Dubbed the 'voice of Latin America' Sosa fought against military rule
Argentine folk singer and activist Mercedes Sosa has died aged 74 after suffering kidney problems.
Sosa's popularity in Latin America spanned four decades, but she fell foul of the Argentine junta in the 1970s.
Her latest album has been nominated for three Latin Grammy awards, which are due to be announced in November.
Dubbed "the voice of the silent majority", Sosa was credited with championing the poor and fighting for political change.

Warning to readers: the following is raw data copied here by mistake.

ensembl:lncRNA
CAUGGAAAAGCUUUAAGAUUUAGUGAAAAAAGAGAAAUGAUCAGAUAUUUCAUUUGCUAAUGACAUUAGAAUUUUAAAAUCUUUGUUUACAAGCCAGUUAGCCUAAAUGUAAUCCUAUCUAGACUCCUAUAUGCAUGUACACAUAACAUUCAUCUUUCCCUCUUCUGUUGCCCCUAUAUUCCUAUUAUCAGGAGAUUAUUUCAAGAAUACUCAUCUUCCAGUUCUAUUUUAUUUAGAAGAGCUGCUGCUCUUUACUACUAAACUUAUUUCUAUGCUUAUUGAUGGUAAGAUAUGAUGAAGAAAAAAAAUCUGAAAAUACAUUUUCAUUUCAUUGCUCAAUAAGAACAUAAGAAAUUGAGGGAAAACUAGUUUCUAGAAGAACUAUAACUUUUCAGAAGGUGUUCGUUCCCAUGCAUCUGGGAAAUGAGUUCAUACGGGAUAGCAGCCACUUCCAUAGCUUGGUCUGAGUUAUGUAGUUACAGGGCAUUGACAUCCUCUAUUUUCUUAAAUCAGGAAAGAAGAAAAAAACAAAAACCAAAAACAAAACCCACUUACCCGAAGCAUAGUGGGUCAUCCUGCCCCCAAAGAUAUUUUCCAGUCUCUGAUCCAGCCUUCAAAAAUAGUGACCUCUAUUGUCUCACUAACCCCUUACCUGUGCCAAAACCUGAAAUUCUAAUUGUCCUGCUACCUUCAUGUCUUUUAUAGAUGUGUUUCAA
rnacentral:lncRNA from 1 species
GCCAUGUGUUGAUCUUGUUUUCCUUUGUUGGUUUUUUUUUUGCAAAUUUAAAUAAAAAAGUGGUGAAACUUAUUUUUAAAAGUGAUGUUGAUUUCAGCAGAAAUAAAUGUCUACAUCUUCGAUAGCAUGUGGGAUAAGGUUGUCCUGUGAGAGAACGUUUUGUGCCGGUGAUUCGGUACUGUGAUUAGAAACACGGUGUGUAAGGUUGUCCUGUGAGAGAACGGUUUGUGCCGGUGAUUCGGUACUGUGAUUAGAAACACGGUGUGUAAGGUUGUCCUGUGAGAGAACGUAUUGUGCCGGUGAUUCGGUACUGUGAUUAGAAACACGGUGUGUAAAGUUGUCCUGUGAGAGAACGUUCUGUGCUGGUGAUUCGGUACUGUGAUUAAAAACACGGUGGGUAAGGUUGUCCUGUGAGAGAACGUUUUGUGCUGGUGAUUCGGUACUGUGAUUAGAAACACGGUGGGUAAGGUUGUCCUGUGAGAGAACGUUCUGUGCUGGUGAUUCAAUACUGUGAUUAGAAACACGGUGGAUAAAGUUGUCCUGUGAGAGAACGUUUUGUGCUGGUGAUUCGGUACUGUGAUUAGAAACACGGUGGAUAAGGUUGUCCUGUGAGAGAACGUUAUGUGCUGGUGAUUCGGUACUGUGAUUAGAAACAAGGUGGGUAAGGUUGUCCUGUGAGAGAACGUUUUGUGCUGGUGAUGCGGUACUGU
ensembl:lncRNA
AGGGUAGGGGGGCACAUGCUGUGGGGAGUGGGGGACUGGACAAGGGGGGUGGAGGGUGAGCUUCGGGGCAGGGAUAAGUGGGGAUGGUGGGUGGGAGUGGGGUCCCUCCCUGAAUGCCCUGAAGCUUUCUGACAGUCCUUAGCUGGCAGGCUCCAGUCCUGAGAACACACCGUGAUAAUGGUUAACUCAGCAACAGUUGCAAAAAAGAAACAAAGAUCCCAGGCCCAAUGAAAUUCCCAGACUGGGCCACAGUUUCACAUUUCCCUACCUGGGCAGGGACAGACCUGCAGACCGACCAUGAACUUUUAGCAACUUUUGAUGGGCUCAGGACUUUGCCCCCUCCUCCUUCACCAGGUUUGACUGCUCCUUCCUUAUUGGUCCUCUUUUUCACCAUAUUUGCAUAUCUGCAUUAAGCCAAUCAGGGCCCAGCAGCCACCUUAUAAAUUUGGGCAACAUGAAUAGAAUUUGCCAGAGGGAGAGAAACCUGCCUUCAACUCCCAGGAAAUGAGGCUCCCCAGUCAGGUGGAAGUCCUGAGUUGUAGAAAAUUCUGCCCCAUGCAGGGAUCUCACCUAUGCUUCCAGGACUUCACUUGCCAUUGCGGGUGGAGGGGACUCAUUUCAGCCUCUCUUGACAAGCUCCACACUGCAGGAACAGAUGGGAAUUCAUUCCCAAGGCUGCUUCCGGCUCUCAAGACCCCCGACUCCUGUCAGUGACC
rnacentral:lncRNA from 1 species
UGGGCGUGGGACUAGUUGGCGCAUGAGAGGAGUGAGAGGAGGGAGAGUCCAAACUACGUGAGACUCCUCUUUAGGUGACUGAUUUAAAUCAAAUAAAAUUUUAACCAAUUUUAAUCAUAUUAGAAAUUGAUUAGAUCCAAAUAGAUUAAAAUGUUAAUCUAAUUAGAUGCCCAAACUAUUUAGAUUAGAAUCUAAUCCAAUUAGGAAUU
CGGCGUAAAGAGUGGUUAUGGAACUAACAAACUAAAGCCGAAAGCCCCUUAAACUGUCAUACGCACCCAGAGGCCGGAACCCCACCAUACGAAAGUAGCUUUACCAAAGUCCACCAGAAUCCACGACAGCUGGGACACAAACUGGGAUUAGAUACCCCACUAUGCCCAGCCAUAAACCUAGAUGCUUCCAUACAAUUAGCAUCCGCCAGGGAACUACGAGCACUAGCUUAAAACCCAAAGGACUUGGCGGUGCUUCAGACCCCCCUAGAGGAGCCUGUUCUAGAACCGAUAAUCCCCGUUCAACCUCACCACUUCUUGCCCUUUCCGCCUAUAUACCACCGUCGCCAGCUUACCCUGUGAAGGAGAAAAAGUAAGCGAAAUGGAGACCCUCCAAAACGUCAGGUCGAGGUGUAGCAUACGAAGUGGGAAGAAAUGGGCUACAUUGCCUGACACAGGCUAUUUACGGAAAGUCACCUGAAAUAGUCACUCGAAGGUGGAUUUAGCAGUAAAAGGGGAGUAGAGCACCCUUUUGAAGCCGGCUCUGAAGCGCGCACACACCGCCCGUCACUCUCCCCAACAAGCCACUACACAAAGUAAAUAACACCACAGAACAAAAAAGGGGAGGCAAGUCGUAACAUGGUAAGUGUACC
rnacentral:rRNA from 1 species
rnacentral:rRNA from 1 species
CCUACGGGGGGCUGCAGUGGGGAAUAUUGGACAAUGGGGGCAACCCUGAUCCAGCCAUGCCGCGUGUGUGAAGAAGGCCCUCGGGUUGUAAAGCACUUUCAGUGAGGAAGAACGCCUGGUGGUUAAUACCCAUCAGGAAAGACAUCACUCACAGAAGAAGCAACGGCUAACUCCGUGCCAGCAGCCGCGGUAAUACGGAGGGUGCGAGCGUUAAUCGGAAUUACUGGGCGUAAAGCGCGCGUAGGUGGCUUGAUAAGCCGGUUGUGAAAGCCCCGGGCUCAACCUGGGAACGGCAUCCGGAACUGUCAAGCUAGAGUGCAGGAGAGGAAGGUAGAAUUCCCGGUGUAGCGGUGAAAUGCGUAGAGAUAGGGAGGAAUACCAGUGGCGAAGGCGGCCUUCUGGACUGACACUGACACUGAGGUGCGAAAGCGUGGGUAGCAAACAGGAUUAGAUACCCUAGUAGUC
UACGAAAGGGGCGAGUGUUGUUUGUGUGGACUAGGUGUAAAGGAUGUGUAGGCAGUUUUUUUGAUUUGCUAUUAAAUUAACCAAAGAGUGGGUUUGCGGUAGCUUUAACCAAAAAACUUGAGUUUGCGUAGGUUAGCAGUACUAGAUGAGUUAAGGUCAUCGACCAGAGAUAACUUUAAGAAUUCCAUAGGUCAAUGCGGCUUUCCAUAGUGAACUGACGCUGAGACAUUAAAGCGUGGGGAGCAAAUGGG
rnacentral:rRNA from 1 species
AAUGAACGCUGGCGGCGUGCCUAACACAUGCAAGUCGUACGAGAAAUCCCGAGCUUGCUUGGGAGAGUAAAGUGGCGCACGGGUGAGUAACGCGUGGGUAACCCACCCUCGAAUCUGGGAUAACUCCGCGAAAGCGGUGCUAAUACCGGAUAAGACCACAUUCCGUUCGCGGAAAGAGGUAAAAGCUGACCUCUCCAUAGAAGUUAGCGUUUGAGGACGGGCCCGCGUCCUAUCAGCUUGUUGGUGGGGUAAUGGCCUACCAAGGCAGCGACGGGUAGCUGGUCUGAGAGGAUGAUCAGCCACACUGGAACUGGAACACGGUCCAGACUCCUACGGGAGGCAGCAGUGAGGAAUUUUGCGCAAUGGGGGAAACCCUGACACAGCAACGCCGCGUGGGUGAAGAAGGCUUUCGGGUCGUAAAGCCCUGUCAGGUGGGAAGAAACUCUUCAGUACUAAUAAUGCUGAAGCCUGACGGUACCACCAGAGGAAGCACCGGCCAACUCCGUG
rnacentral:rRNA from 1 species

Along with her first husband, Manuel Oscar Matus, she became a founding member of the mid-60s Nueva Cancion movement.
At a 1979 concert in the Argentine city of La Plata, Sosa was searched and arrested on stage along with all those attending the concert.
She was subsequently banned from recording, and left the country to live in Paris and Madrid. She returned to her homeland in 1982 just before the collapse of military rule.
A Unicef goodwill ambassador, Sosa produced 40 albums over her long career and collaborated with musicians including Luciano Pavarotti, Sting, Shakira and Joan Baez.